Texas’ electrical grid operator is implementing rolling blackouts across most of the state Monday after a massive winter storm brought unprecedented demand for electricity and forced multiple power-generating units offline.
The blackouts began at 1:25 a.m. Central time. The Electric Reliability Council of Texas said they would likely last “throughout the morning and could be initiated until this weather emergency ends.”
"Every grid operator and every electric company is fighting to restore power right now," ERCOT President and CEO Bill Magness said in a press release.
The blackouts are designed to reduce demand for electricity until capacity can be restored. ERCOT officials hinted on Sunday that they might be necessary, saying they’d most likely last between 10 minutes to 45 minutes at a time.
The storm that hit Texas is rare for both its scope and its intensity. On Sunday, the National Weather Service issued a winter storm warning for all 254 counties. Cities like Dallas and Austin had temperatures in the single digits Monday morning. Close to the coast in places like Houston and Corpus Christi, the weather was in the teens.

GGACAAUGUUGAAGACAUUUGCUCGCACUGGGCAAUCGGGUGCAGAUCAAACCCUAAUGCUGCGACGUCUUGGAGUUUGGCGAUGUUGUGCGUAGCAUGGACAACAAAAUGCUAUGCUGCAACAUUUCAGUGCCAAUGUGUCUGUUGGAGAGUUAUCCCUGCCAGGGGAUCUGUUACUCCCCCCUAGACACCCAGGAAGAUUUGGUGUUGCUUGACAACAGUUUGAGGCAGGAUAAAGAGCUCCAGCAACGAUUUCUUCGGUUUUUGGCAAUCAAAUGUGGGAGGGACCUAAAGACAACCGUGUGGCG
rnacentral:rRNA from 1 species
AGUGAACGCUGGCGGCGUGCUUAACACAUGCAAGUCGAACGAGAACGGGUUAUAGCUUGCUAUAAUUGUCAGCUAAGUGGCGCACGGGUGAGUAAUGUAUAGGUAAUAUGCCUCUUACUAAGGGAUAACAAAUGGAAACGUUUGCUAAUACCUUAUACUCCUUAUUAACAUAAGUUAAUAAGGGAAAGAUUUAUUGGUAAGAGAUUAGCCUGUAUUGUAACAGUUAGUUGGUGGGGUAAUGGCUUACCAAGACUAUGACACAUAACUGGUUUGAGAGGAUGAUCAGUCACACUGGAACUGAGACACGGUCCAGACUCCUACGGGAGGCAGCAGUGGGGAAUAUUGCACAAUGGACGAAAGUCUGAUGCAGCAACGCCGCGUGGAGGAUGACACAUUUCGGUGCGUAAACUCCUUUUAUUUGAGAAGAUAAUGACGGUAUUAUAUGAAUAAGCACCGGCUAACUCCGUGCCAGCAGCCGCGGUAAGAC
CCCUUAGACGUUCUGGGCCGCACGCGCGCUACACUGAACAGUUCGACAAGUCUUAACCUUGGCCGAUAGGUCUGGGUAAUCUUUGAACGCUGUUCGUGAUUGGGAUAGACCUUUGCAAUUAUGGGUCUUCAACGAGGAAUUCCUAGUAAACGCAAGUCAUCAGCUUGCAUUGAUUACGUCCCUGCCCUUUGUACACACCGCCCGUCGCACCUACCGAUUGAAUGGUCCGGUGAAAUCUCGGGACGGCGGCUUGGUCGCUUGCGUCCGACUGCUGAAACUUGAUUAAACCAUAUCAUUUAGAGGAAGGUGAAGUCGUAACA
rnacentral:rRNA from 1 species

ERCOT announced Sunday night that it had set a winter record for power demand, reaching 69,150 megawatts between 6 and 7 p.m. ERCOT said Monday morning that 30,000 megawatts of power generation had been forced off the system. The grid operator also said it would provide an update at 10:30 a.m. Central time Monday.
The storm has shut down much of the state. Numerous roads are iced over, many schools have closed and, at Gov. Greg Abbott’s request, President Joe Biden declared a federal emergency declaration across the state.